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    Kingdom of the Dream
by Ilka Scobie
Fred Tomaselli
Echo, Wow and Flutter
Natural Selection
Desert Bloom
Desert Bloom
Phrase Book
Fred Tomaselli, Dec. 2, 2000-Jan. 13, 2001, at James Cohan Gallery, 41 West 57th Street, New York, N.Y. 10019.

Fred Tomaselli and Rick Moody, "Phrase Book and Recommended Reading," Nov. 2-Dec. 2, 2000, at Christine Burgin, 240 West 18th Street, New York, N.Y. 10011.

Fred Tomaselli is America's first 21st-century transcendentalist, a kind of postmodernist descendent of Charles Burchfield and Ralph Waldo Emerson. He has crafted a trademark hallucinogenic cartography by collaging actual pharmaceuticals and drug leaves in resin suspension. He provides an esthetic visionary experience that is inspired by asocial chemical euphoria but without the illicit activities associated with it.

In his current show of 11 large paintings and six smaller works at James Cohan, Tomaselli uses paint and collage to produce the psychedelic imagery of cobwebs, spirals, chessboards and lattices. His delicate catenaries consist of cutout eyes, hands or field-guide birds in beak to feather formation. The preternaturally intense vortex of Untitled (2000), for instance, is a mandala of butterflies, embellished sativa leaves, eyes and pills -- an image that turns out to be the voice of God banishing Adam and Eve from the garden.

In the monumental Echo Wow and Flutter, densely jeweled ellipses intersect and explode in literal daisy chains of hands, eyeballs and pill forms. Set against an obsidian background, the opulent palette and cascading swags evoke a mystical vision. Topographical map bits are captured in the web of Double Map, in which simple symmetry pulses with color, again replicating and embellishing nature.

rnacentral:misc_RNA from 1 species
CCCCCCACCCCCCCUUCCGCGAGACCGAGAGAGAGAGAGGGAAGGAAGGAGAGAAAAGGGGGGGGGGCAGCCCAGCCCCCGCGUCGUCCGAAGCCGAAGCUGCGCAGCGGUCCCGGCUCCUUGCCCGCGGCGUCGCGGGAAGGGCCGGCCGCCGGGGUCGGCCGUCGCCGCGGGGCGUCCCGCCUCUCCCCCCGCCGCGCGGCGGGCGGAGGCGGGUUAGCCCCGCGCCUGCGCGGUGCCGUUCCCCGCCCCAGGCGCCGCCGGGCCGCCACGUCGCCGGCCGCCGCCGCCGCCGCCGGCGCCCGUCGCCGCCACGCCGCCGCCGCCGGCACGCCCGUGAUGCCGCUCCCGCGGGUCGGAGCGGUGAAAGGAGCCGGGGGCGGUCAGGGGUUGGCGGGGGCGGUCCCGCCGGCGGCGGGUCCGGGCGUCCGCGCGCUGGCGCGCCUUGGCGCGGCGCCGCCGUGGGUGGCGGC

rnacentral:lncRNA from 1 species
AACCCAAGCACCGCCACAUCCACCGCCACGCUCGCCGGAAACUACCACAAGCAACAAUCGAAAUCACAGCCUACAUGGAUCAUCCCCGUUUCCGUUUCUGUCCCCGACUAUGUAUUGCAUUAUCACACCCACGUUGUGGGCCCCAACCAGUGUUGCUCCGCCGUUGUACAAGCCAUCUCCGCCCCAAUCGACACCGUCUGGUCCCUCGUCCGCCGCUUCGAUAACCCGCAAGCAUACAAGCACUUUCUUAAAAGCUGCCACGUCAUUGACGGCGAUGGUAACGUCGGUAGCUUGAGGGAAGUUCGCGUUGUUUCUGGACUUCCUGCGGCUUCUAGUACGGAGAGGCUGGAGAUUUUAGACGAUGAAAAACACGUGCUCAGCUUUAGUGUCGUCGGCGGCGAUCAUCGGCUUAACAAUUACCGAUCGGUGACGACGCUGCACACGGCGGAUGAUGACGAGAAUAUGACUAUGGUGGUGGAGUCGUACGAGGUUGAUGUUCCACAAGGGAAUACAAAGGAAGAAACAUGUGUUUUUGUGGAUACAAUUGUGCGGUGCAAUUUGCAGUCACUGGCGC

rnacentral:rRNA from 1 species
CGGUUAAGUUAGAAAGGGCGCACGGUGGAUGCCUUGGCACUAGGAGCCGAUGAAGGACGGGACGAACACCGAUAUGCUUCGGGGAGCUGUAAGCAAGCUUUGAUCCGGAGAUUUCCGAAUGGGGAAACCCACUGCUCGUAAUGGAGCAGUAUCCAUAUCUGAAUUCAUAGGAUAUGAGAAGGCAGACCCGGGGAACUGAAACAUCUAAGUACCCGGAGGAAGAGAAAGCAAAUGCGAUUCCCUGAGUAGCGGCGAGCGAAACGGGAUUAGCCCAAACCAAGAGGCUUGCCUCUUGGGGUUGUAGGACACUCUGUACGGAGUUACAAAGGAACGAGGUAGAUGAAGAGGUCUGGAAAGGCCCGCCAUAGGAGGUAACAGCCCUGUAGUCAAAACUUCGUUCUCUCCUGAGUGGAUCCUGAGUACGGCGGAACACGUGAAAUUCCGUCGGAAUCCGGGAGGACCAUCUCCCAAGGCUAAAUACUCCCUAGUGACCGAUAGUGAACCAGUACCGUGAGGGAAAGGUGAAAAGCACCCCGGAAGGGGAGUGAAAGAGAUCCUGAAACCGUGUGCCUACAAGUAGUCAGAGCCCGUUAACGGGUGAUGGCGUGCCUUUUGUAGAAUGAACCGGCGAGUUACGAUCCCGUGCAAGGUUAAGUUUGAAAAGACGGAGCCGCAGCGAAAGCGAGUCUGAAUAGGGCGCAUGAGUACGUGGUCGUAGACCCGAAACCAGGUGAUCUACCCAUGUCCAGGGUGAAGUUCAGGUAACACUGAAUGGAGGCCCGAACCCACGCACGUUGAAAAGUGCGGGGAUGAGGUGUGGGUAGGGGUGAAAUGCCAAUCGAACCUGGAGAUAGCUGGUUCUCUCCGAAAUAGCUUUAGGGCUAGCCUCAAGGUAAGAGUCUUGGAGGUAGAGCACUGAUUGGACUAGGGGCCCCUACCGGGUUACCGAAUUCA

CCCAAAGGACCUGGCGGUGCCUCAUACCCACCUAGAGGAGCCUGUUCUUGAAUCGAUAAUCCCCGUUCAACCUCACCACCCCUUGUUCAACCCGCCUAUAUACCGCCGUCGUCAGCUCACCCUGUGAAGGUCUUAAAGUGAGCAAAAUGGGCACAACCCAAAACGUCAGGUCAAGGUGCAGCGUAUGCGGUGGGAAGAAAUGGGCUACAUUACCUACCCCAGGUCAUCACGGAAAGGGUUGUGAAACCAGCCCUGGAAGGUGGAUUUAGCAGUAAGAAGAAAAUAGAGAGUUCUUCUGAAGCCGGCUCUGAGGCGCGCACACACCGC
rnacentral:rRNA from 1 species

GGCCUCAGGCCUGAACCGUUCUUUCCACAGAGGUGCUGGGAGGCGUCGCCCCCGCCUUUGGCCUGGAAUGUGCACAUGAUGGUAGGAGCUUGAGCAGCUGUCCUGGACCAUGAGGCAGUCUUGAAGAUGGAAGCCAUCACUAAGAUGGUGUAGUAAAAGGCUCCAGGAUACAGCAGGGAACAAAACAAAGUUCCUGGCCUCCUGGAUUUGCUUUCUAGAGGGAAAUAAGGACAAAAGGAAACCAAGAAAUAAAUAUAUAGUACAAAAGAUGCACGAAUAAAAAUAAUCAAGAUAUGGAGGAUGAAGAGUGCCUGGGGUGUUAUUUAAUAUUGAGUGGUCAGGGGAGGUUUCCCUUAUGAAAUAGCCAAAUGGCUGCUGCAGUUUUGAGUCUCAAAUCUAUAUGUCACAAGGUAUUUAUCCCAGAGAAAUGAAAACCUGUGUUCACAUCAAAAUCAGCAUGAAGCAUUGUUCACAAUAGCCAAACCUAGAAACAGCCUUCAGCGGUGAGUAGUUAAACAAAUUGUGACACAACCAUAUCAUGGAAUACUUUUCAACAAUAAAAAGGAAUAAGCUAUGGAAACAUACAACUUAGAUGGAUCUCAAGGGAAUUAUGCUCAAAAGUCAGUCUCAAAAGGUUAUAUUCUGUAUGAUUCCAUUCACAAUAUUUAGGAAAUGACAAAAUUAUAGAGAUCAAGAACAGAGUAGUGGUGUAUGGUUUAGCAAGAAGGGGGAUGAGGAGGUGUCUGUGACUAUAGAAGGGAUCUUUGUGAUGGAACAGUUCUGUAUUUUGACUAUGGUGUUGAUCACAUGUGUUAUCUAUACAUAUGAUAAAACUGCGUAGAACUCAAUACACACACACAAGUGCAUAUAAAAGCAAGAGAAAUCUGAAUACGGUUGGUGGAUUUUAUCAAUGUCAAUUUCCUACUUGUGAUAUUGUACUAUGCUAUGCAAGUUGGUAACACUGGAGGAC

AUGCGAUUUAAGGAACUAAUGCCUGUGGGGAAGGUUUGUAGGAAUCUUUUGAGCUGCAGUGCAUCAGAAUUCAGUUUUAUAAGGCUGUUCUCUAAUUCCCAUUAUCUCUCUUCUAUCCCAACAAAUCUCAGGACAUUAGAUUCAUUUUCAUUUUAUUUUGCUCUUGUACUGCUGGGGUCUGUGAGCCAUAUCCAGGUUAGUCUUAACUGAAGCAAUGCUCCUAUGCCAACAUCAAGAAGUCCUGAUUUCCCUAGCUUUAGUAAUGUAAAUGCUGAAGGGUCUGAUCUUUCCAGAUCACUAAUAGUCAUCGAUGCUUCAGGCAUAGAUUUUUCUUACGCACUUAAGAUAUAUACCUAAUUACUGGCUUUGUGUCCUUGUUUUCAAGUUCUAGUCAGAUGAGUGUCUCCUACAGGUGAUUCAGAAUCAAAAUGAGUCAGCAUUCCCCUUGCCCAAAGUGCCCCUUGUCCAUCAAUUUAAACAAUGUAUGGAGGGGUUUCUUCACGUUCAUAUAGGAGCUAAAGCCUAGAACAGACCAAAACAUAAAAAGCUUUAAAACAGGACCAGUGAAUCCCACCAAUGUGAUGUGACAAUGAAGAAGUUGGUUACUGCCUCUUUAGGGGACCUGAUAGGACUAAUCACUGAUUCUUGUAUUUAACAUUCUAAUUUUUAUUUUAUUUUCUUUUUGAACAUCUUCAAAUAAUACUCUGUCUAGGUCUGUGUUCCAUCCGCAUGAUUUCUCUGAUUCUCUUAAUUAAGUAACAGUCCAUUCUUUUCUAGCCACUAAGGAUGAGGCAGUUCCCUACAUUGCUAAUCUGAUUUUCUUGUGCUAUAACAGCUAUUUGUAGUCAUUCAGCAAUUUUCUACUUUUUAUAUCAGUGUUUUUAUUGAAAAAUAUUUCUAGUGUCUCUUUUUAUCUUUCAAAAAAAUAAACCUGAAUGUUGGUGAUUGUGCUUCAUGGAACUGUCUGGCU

Actual beech leaves, cut and glued, form the tree of Natural Selection. Songbirds perch in the barren branches, graceful mutant creatures with high-tech fabric feathers. The background, a vivid patchwork, is reminiscent of Japanese textiles or an American crazy quilt. Is it pastoral America or urban chaos that Tomaselli depicts?

Long interested in utopian communities, the artist has created his own in Desert Bloom. Bucolic rural homesteads, ranging from Thoreau's cottage or Unabomber Ted Kaczynski's shack, are intertwined and floating in a choreographed night kaleidoscope that can be viewed as a cosmic map or otherworldly constellation.

Last month, a different body of Tomaselli's work was on view at Christine Burgin Gallery in Chelsea. Tomaselli collaborated with the celebrated writer Rick Moody to produce an illustrated tome called Phrase Book, printed for the Whitney Museum in an edition of 150. The volume is enclosed in a wooden slipcase, embellished with seven images by Tomaselli. The book has end papers printed with a primary-colored maze that resembles the intricacies of an oil slick.

Best known for his novel The Ice Storm, Moody here writes of a young woman's LSD overdose and subsequent hospitalization. Tomaselli has depicted Lucy, the burnt-out heroine, as a bruised and prone female, moths cascading from an abyss in her back. An innocent tree, replete with crimson fruit, recreates a haunted Garden of Eden.

The show at Christine Burgin show featured two shelves of books and records selected by the collaborators. Both artist and writer reveal a penchant for bird books and the early Punk scene. Tomaselli's anthropological choices includes Strausbaugh's The Drug User, Albert Hoffman's memoir, LSD: My Problem Child and the ever-handy Physician's Desk Reference Manual.

Tomaselli's gorgeously hypnotic and labor-intensive paintings are in great demand by museums as well as private collectors. No surprise. His alchemy of blurred figuration and abstraction, art and decoration seems particularly fresh, a sensual art that celebrates and transmutes the beauty of the everyday.

ILKA SCOBIE is a New York poet and art critic.